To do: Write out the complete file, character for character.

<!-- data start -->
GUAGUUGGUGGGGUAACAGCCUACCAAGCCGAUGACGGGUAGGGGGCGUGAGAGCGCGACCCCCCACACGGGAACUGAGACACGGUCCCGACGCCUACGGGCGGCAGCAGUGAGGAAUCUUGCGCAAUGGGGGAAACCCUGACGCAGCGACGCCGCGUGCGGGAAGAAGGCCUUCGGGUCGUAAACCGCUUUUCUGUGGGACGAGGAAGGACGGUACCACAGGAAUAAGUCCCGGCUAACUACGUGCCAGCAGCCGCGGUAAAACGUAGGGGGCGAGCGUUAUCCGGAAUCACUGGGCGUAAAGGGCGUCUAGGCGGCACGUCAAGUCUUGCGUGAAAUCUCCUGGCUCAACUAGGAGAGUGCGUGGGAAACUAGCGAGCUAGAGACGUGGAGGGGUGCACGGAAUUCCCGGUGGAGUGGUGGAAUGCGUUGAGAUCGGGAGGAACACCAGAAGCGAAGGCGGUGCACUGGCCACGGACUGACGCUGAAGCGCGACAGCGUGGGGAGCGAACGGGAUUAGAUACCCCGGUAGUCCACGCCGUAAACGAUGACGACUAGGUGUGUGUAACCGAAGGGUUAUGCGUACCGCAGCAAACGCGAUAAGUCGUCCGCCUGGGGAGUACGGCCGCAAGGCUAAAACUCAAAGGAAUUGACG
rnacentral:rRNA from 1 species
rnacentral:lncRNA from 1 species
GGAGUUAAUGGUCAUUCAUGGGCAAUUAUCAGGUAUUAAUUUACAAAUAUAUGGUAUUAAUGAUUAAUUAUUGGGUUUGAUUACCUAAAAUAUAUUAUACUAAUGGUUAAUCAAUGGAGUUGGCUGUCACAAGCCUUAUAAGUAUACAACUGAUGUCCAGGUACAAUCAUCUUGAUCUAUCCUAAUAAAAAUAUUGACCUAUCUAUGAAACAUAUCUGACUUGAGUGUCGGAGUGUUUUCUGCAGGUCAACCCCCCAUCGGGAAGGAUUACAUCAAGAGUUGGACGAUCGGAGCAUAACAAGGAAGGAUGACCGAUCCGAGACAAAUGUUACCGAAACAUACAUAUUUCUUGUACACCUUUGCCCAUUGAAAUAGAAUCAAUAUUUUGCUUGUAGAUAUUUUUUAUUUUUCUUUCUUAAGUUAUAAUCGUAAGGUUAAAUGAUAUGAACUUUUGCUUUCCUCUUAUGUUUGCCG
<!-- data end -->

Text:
GUAGUUGGUGGGGUAACAGCCUACCAAGCCGAUGACGGGUAGGGGGCGUGAGAGCGCGACCCCCCACACGGGAACUGAGACACGGUCCCGACGCCUACGGGCGGCAGCAGUGAGGAAUCUUGCGCAAUGGGGGAAACCCUGACGCAGCGACGCCGCGUGCGGGAAGAAGGCCUUCGGGUCGUAAACCGCUUUUCUGUGGGACGAGGAAGGACGGUACCACAGGAAUAAGUCCCGGCUAACUACGUGCCAGCAGCCGCGGUAAAACGUAGGGGGCGAGCGUUAUCCGGAAUCACUGGGCGUAAAGGGCGUCUAGGCGGCACGUCAAGUCUUGCGUGAAAUCUCCUGGCUCAACUAGGAGAGUGCGUGGGAAACUAGCGAGCUAGAGACGUGGAGGGGUGCACGGAAUUCCCGGUGGAGUGGUGGAAUGCGUUGAGAUCGGGAGGAACACCAGAAGCGAAGGCGGUGCACUGGCCACGGACUGACGCUGAAGCGCGACAGCGUGGGGAGCGAACGGGAUUAGAUACCCCGGUAGUCCACGCCGUAAACGAUGACGACUAGGUGUGUGUAACCGAAGGGUUAUGCGUACCGCAGCAAACGCGAUAAGUCGUCCGCCUGGGGAGUACGGCCGCAAGGCUAAAACUCAAAGGAAUUGACG
rnacentral:rRNA from 1 species
rnacentral:lncRNA from 1 species
GGAGUUAAUGGUCAUUCAUGGGCAAUUAUCAGGUAUUAAUUUACAAAUAUAUGGUAUUAAUGAUUAAUUAUUGGGUUUGAUUACCUAAAAUAUAUUAUACUAAUGGUUAAUCAAUGGAGUUGGCUGUCACAAGCCUUAUAAGUAUACAACUGAUGUCCAGGUACAAUCAUCUUGAUCUAUCCUAAUAAAAAUAUUGACCUAUCUAUGAAACAUAUCUGACUUGAGUGUCGGAGUGUUUUCUGCAGGUCAACCCCCCAUCGGGAAGGAUUACAUCAAGAGUUGGACGAUCGGAGCAUAACAAGGAAGGAUGACCGAUCCGAGACAAAUGUUACCGAAACAUACAUAUUUCUUGUACACCUUUGCCCAUUGAAAUAGAAUCAAUAUUUUGCUUGUAGAUAUUUUUUAUUUUUCUUUCUUAAGUUAUAAUCGUAAGGUUAAAUGAUAUGAACUUUUGCUUUCCUCUUAUGUUUGCCG